“Don't worry, Baby,” she said. “By the time the paint starts to chip off, I'll be long gone. I'm not staying in this dump forever.”
“What do you suppose the landlord will think?” I called down the hall as I headed home.
“Honey, he's gonna love it!”
I had my doubts about that. Our landlord was a short, squat, grumpy man in his sixties, with thinning white hair, and quick, darting eyes that seemed to constantly evaluate whatever they fell upon. He had a tendency to spit when he spoke, and we soon learned to stand at least six feet away from him, preferably not downwind. He was always dressed in threadbare, gray suits when he visited the apartment house each month to collect the rent, and was notorious for popping in unannounced. His wife was about four and a half feet tall, almost as wide and had the largest thighs that I had ever seen on a human being. From the knees down, her legs resembled tree stumps, with no definition at her ankles. She had small, beady eyes placed too close to a hawkish nose which nearly met her thin, bitter lips. Her hair, what there was of it, was a wad of steel grey that matched an unyielding personality.
Their names were Mr. and Mrs. Miller, and we had immediately dubbed the apartment building, “Miller's Landing”. Aside from charging exorbitant rents for a run-down hole of a building that they were not inclined to maintain, their major vice was nosiness; particularly Mrs. Miller. They had master keys to all the apartments and thought nothing of entering our home during our absence. This really annoyed Butch.
“I'm sick of this nonsense,” he said, one day after we returned home from shopping in time to see Mrs. Miller leaving our apartment.
“We'll have to get a bolt lock and a chain for across the door,” I said. “I want one anyway for the kids. They're tall enough now to open the door and leave.”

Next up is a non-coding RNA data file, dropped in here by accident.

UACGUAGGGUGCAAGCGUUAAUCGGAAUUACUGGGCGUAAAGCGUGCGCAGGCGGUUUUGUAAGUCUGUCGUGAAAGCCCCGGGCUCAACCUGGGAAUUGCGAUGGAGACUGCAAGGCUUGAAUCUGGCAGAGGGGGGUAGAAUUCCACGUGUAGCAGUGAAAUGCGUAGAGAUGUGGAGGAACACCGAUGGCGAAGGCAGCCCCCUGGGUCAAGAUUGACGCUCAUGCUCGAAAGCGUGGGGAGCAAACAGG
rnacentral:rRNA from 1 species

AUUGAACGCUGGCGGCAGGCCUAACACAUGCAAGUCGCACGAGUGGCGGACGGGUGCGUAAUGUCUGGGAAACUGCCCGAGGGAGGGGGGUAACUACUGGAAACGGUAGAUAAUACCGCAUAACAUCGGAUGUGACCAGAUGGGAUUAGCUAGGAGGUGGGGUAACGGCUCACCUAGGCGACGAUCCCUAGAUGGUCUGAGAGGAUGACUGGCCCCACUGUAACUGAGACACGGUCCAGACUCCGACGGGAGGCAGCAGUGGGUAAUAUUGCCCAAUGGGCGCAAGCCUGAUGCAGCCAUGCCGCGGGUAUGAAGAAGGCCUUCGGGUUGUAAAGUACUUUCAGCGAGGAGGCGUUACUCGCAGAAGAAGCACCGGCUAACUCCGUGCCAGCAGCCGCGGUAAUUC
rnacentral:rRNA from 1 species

“Right,” he said, thoughtfully. “But first I'm going to teach that ugly old bat a lesson.”
“What are you going to do?”
“You'll see,” he said, refusing to say anything more.
The first of the month rolled around and the Millers came for their rent. I had taken the kids for a walk down the five-mile boardwalk that ran along the beach. I was on my way home, when I spotted Mrs. Miller charging down the long staircase faster than I had thought it was possible for fat people to run.
“Good afternoon, Mrs. Miller,” I said, lifting the kids out of the stroller. “Is something wrong?”
She sputtered something unintelligible at me, and hurried out of the building, her face beet red and small venomous eyes blazing furiously.
What has he done now? I thought. He probably insulted her and now we're going to get evicted. I carried the kids upstairs, leaving the stroller in the doorway, and called out to Butch.
“In here,” he said.
I walked over to the bathroom. He was sitting there, buck naked, reading the Reader's Digest.
“You didn't.” I said.
“Yep, she walked right in on me. I bet she never sneaks in our apartment again.”
It was unlikely that she would. She purposely avoided us both after that incident, but we put the chain across the door anyway.
When I told my mother the story later that day, I asked her what the Millers thought of her apartment.
“They never said a word,” she said. “They just walked around the apartment and stared at it for the longest time.”